IPOs can be an excellent way to invest in businesses that have a lot of potential and whose stocks will rise a great deal once their shares become available to the general public. However, if you’re not careful, you can also lose a substantial amount of money if the business isn’t as promising as you thought.
So you should go into the IPO investment with your eyes wide open and with a realistic idea of what to expect.
The first step is research, research, and more research. In fact, many investors and brokers look carefully at a company’s business plan and IPO registration long before the stock is available to the public. If you wait until the IPO is already underway, you won’t be able to get as much information on the business as you would if you started long before the IPO was available.
Thoroughly check out the history of the company and what it has done in the past. If it’s a start-up company, investigate its directors, owners, partners, and executives. Also look to see if any of them have any experience with IPOs, especially ones that involve new companies. Learn about the company’s competitors, the competition’s strengths and weaknesses, and how your investment will help you succeed in the company’s specific market.
Why Do Companies File IPOs?
Initially, companies seek investors like you and me when they require capital for expansion. Their goal is to raise a significant amount of capital, and they need to grow fast enough to cash in on a potential market opportunity.
Companies going public after going through one of the world’s leading markets are often valued in the billions. According to Jay Ritter, professor of Finance at the University of Florida, there have only been five years in a half century that the number of companies that went public in the stock market was less than 100. The last time it happened was in 2002, and there was a substantial 21% decline in value of the year’s IPO’s.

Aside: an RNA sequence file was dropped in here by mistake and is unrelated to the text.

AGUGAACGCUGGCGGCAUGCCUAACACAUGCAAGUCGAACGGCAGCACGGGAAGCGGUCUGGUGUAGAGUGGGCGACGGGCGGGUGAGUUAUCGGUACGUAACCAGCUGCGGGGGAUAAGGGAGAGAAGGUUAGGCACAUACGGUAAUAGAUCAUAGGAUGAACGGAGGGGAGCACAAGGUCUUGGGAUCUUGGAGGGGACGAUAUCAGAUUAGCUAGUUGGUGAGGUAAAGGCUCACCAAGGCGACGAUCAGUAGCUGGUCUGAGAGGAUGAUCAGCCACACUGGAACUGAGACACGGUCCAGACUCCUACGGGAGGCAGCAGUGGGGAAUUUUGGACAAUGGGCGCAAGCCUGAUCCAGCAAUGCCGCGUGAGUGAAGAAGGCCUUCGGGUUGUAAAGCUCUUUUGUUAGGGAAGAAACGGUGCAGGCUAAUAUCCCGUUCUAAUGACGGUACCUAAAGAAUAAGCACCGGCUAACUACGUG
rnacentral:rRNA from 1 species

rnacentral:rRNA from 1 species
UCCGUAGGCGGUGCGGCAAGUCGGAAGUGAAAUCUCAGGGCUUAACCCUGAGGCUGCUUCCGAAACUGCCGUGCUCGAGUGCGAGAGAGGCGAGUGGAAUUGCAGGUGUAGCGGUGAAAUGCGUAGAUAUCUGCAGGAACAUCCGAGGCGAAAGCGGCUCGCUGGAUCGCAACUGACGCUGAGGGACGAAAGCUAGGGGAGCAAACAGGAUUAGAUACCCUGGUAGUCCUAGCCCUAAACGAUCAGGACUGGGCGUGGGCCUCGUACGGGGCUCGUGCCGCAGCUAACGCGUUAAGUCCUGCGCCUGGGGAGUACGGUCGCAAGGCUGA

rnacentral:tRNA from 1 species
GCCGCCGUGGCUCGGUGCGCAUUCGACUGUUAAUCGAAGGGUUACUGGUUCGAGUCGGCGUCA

IPO’s surged after 2006, and the number of companies to go public on the NYSE and NASDAQ increased by 50% in 2016. According to Ritter, there are several reasons why investors have been willing to buy IPO’s for the past several years.
Interest rates are low: The Fed has been keeping interest rates at an all-time low since December of 2008, and these low interest rates have made it easier for companies to increase their prices to offset the higher costs.
Historical Returns of IPOs
Take a look at the historical returns of IPOs and you may be sorely disappointed to find that they are often cutthroat and way below the norm for most investments.
The exact amount your IPO will be depends upon a number of factors such as past performance and industry trends as well as what the market is like for the period of time you choose to invest.
While some IPOs may not sound like a bad idea at first, there are also a lot of well established businesses that have IPOed that have not done so well.
The time that venture capitalists spend with a company to improve a business or an item before putting it up for IPO can make an enormous difference in the success of an IPO.